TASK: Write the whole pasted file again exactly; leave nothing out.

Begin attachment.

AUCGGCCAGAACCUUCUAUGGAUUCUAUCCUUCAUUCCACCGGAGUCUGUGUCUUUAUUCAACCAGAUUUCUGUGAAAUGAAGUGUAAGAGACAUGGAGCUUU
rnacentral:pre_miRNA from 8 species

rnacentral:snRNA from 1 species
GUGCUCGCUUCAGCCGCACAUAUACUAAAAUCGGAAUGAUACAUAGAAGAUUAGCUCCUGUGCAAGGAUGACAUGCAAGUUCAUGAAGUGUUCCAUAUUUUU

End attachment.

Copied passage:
AUCGGCCAGAACCUUCUAUGGAUUCUAUCCUUCAUUCCACCGGAGUCUGUGUCUUUAUUCAACCAGAUUUCUGUGAAAUGAAGUGUAAGAGACAUGGAGCUUU
rnacentral:pre_miRNA from 8 species

rnacentral:snRNA from 1 species
GUGCUCGCUUCAGCCGCACAUAUACUAAAAUCGGAAUGAUACAUAGAAGAUUAGCUCCUGUGCAAGGAUGACAUGCAAGUUCAUGAAGUGUUCCAUAUUUUU